Saturday, August 11, 2012


No, not that antiquated and stylized athletic event that most people ignore except every four years. Fencing as in that vertical dividing barrier between two places. That things that separates the inside from the outside. Robert Frost.

This spring, a section of our fence fell over. Not surprising when you look at the state of the posts:

I don't know what vintage the fencing of our house is, but I suspect that, if it is a decade old, it can't be much more than that. The whole perimeter of our back yard fence is gradually falling away; a good push would knock over a section. It all needs to be replaced eventually. The section that fell over is the most acute, however, because without it Jasper is able to wander off and roam the neighborhood, something that he is getting quite bold about. After dallying for a few months, I decided I really needed to get to it.

However, I didn't want to just to driving down to Home Depot and start piling 5" round posts into the car. For one, I don't actually like the look of such fencing. For another, the materials are cheap - I would be surprised if they would last ten years stuck into the ground. Instead, I resolved to figure out another system that would have some more longevity. I like the notion of metal posts with wood attached to it. Most such systems use the round metal posts from chain link fencing and some brackets. Effective, yes, but not particularly attractive from the inside of the fence.

I eventually discovered this product from Master Halco. The PostMaster system uses a top-hat shaped extrusion of galvanized steel. The flanges of the section have holes on 1" center, which makes hanging the wooden fence sections fairly easy. Because the posts are rectilinear, cladding them in wood is pretty easy. They claim that the metal posts are stiffer than wood and hold up better in wind. The posts should last upwards of twenty years in the ground - long enough that the wooden fence sections may get replaced once or twice in that time.

There is a bit of a price premium going this route compared to a conventional wooden post: about 10-20%. I figure it is worth it for the longevity. This does, however, raise an important point: fencing is expensive, no matter which way one goes. Twenty dollars per foot, uninstalled, seems to be the going rate. It makes me look with some dread at the long perimeter of our back yard.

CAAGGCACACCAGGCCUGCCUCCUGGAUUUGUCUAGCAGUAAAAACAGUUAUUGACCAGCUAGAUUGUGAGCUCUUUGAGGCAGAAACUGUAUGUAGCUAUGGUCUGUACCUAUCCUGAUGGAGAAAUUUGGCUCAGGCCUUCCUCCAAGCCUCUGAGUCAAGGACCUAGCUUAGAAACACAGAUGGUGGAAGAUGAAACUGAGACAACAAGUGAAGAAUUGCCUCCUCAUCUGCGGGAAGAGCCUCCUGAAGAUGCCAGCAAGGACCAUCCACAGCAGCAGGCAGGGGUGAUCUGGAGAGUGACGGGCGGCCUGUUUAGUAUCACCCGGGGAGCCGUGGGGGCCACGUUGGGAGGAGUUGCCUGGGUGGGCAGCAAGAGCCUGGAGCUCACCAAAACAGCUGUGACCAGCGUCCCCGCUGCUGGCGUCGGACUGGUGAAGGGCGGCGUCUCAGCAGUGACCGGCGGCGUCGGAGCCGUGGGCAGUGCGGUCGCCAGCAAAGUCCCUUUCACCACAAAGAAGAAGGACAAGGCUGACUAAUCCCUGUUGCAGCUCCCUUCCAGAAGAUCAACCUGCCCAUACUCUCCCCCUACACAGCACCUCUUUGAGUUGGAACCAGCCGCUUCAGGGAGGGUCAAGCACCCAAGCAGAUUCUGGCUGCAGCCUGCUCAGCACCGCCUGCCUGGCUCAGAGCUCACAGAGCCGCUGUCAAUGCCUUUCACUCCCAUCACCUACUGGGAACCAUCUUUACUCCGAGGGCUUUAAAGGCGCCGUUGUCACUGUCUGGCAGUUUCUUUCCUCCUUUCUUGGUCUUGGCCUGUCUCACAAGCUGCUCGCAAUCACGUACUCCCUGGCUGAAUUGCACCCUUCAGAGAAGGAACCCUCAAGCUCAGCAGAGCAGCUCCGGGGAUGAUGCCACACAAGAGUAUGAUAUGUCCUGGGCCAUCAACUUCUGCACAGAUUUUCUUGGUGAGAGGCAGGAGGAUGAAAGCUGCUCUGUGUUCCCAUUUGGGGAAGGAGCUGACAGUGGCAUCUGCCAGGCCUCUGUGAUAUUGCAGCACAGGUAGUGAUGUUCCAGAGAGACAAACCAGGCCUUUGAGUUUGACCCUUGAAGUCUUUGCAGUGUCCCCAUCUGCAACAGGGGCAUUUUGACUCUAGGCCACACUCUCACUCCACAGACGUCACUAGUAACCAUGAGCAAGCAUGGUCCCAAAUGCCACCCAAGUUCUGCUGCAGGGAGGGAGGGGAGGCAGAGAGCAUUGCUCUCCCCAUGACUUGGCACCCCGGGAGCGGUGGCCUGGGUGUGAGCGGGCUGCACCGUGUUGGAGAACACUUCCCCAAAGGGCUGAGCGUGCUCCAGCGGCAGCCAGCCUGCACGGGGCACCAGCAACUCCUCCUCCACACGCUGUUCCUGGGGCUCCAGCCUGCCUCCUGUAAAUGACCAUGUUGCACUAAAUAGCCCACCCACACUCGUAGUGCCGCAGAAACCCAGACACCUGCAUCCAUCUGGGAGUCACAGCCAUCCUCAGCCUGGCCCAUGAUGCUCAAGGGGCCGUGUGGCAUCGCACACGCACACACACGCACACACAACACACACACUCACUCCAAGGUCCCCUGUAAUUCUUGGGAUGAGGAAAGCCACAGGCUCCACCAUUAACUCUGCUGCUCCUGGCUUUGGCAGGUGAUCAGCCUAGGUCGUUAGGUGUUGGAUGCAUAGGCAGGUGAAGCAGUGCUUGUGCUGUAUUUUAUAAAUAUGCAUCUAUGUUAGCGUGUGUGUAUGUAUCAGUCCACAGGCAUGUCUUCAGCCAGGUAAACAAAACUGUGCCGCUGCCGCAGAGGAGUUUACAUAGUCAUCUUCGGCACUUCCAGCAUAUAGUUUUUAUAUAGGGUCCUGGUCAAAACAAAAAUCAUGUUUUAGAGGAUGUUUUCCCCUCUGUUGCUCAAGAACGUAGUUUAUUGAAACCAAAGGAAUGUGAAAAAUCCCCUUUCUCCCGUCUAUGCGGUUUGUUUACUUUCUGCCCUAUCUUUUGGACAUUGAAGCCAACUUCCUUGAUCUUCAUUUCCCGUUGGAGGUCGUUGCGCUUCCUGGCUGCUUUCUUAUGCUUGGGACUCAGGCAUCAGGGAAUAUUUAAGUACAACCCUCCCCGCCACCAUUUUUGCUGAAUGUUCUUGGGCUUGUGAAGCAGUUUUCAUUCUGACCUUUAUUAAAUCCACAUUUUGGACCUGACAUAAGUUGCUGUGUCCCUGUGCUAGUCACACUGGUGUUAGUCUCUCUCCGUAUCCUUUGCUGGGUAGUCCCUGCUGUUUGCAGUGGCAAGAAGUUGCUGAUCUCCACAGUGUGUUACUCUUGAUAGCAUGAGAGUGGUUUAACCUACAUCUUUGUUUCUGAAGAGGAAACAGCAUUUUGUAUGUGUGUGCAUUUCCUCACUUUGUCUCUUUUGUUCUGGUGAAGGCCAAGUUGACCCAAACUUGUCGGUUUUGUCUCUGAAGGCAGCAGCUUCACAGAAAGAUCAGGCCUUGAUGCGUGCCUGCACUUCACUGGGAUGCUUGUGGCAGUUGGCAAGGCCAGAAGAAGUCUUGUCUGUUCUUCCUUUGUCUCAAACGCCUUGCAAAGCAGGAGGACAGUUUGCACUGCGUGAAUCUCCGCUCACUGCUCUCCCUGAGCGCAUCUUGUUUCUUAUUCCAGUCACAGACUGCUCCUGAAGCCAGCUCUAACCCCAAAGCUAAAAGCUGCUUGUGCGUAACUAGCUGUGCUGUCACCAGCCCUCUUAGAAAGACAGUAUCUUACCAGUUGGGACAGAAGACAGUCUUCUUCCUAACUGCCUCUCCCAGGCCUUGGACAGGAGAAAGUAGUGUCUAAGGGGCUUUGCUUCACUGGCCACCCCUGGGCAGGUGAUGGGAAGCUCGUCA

Still, summer was wearing on and Jasper was getting increasingly rambunctious, so I bit the bullet and set out to use the PostMaster product to at least replace the front fence. The only problem was that this is not a retail product: the only way to get it is through a fencing contractor/distributor. I gather that this is not regarded as a typical DIY, weekend handyman product. It took some time to get it lined up, and two weeks for the distributor to receive it from Master Halco. The local fencing distributor/contractor had himself never used it. About two weeks ago I received the materials: metal posts, pre-cut fencing sections, and other accessories for putting it all together.

The fence sections I set aside: those won't go in until the very end. The first real order of business is to set the metal posts. After laying it out with surveyor's string and stakes, I broke out the post hole diggers and started going down. The metal posts are seven feet long - more than half of which going into the ground.

The first post I did is actually in the middle of the front fenceline - the one that the gate will hang from. This actually receives a double-post because of the cantilevered load. After digging down I packed in a few inches of gravel, then located and plumbed the post. Some stakes and guy wires keep it in place.

Next came some concrete. I went back and forth about whether to use concrete or not. Using it definitely yields the best and most lasting results. It is also more or less permanent. Skipping it reduces the overall cost, relieves some headaches during the installation, and allows for revision down the road. But I worried that the posts could work themselves loose in just packed earth, so each is receiving 2-3 feet of concrete.

The process of familiarizing myself with the layout, digging the first hole, and setting this first post took about four hours. I also encountered a torrential downpour while filling in the concrete. The subsequent posts have taken 1-2 hours apiece. Compared to the first post, these other posts have the added complication of needing to be in a straight line with respect to the gate post, at the same level, and placed just the right distance away. I have managed, but it takes time.

Combined with a hectic schedule (moreso this week, as Hilary is out of town) it is no wonder that, a week into the installation (months into the actual project), I have only set four of five posts, and installed none of the actual fencing. I'm getting closer, though, and will post pictures of the finish. So far, I'm pleased with how it's going. This may end up being the solution for replacing the rest of the fence, though I wouldn't hazard what the timeline for that job might be.

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